MISSOULA -- Timmy Falls' career with Montana's men's basketball team has been as a fan favorite who wears his emotions on his sleeve while racking up highlight-worthy assists and defending the opponent's best guards each night he steps onto the court.
Falls' passion, grit and vocal personality have been on display since he put on a Grizzly jersey. But recently, the junior took that passion and toughness up another level after playing through an injury when Montana beat Montana State on Saturday.
Falls took a hard landing on a layup on Feb. 15 against Idaho State, and a Bengal player landed awkwardly on his right ankle. Falls stayed down on the court for a moment before needing assistance off it. He went into the locker room and emerged with an ice pack on his ankle and crutches.
His status was uncertain all of last week, but he took part in certain drills to strengthen up his ankle again. Then, on Saturday not long before tipoff, he was given the go-ahead to play against the Bobcats.
"Honestly, I didn't know I was going to play until like Saturday," Falls said before Tuesday's practice. "Like Friday I kind of had a feeling that I was good to go. Saturday I told (head coach Travis DeCuire) I was good to go and he was like, 'Yeah, I'll think about it,' and then we walk in and my name's on the starting lineup and so I'm like, 'Alright, I guess he thought about it.'"
Falls went on to play 26 minutes against MSU. He scored three points on 1-for-4 shooting and recorded four rebounds, an assist and a steal before fouling out as the Griz won 59-54 for their sixth straight win.
That toughness in Falls was never in question. More than anything it was upheld as he powered through an injury he was originally told would take three weeks to recover from.
"Coaches and training staff had a plan leading up to Montana State," Falls said. "My weight coach and trainer were really on me about getting rehab and just trying to get mobility back. They did a good job of helping me get ready for Montana State. They got me right.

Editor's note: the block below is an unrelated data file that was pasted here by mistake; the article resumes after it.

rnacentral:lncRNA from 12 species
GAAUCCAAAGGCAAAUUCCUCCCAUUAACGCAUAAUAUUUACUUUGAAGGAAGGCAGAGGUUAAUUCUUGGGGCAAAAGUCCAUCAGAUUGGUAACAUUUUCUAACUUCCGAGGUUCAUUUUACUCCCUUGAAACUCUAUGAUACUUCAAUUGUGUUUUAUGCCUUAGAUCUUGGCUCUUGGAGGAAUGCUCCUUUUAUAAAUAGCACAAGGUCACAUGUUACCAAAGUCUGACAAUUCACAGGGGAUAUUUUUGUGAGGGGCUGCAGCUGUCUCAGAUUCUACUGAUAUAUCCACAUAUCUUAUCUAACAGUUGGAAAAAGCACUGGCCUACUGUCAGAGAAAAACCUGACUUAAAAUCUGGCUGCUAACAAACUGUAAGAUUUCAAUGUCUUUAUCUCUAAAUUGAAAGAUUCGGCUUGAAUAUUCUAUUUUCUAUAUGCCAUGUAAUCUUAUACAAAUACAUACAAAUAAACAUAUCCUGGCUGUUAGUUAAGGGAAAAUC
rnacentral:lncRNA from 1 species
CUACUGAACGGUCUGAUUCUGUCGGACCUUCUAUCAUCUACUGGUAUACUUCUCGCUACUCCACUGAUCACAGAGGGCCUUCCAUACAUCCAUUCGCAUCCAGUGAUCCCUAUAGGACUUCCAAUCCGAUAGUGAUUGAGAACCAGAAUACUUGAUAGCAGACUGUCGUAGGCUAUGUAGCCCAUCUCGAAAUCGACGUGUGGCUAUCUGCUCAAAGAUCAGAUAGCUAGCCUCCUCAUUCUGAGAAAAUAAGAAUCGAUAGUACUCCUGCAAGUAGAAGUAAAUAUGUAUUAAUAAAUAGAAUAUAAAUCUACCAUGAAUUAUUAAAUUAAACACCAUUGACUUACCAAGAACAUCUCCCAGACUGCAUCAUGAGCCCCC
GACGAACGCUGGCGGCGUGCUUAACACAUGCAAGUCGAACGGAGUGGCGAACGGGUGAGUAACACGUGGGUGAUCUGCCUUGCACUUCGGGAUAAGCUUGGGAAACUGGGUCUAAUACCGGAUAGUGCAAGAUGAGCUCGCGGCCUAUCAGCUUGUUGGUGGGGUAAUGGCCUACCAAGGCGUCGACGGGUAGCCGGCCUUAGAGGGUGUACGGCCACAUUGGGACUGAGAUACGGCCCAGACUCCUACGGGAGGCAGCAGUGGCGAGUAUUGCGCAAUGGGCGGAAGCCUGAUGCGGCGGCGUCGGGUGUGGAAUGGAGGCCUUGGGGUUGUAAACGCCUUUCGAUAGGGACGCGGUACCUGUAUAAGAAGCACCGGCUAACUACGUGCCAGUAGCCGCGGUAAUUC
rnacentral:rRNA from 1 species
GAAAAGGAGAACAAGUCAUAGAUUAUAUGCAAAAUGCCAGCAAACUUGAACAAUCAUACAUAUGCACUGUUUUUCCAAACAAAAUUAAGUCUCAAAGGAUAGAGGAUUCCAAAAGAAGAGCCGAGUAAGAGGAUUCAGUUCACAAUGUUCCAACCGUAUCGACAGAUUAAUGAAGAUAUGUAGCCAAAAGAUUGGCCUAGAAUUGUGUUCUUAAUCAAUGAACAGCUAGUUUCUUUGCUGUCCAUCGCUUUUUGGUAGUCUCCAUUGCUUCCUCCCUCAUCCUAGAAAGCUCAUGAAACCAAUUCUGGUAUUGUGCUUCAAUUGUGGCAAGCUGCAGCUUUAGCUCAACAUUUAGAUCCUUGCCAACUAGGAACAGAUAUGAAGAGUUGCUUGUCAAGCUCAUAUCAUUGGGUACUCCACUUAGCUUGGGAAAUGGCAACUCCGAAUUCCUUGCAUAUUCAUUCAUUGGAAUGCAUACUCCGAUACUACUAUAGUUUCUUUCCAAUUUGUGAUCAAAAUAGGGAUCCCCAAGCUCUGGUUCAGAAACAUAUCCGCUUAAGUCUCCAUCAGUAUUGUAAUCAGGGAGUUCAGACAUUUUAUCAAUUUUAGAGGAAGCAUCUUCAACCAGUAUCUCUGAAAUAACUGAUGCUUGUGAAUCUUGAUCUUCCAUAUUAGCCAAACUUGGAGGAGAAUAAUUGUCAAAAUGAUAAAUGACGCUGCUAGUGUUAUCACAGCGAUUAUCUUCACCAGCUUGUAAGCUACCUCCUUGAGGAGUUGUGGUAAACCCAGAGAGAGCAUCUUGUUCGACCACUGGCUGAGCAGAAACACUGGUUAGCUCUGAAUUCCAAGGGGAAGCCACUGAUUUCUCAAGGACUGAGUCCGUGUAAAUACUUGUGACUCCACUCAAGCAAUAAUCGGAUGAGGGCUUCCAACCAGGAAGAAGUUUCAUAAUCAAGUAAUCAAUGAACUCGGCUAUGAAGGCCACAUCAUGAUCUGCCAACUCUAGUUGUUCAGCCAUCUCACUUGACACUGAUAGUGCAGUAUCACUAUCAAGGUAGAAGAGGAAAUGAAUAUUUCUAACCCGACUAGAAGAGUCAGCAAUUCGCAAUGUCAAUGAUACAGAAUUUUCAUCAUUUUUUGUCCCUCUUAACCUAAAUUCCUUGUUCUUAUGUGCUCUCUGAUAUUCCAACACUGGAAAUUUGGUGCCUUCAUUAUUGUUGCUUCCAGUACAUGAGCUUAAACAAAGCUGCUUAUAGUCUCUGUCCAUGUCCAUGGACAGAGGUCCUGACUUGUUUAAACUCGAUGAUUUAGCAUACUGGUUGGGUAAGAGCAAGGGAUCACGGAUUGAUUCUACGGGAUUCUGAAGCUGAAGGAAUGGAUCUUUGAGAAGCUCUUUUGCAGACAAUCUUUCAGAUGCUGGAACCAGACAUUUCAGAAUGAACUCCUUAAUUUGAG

"I did not want to miss Montana State. Those are games I look forward to every year. So I just thought it was important for me to work as hard as I could to get back because you never know with those games and the atmosphere and everything. You never know how those games are going to go, so I just wanted to be there to help my team win."
Battling through an injury like that also endeared him to his head coach.
"It explains his commitment to winning and how important the success of Grizzly basketball is to him," DeCuire said. "It's hard to find guys who play through injuries and commit to the success of the group more so than just their individual success and it's a pleasure to have him. He's got as much fire as anyone I've ever coached."
In his first two seasons with the Griz, Falls was a consistent spark off of the bench before coming on strong toward the stretch run of last season where he was ultimately inserted into the starting lineup in the final five games.
Falls didn't start the first four games this year as he recovered from a wrist injury suffered in the offseason but has since started every game. And with such a large turnover from last year to this season, Falls has joined seniors Kendal Manuel and Sayeed Pridgett as the team's vets from the past two NCAA Tournament teams. This season, he's played to his strengths with running the offense and his defense but has found a more consistent scoring ability, as well. In the seven games before UM played Idaho State, Falls scored in double figures in six of those games. On the year, he's averaging 6.9 points, 2.6 assists and 2.3 rebounds per game, all career-high marks. He also has career bests in steals this season (31) and blocks (12).
His play has quietly been another key element in why the Griz haven't missed a beat with their current first-place 13-3 record in Big Sky Conference play.
"Even though we lost a lot last year, we still had three guys who were playing pretty good minutes," Falls said. "So for us, Kendal and Sayeed having great leadership and then me facilitating a little bit helps the younger guys have confidence and then the whole circle connects. I think it's a good combination of young and older."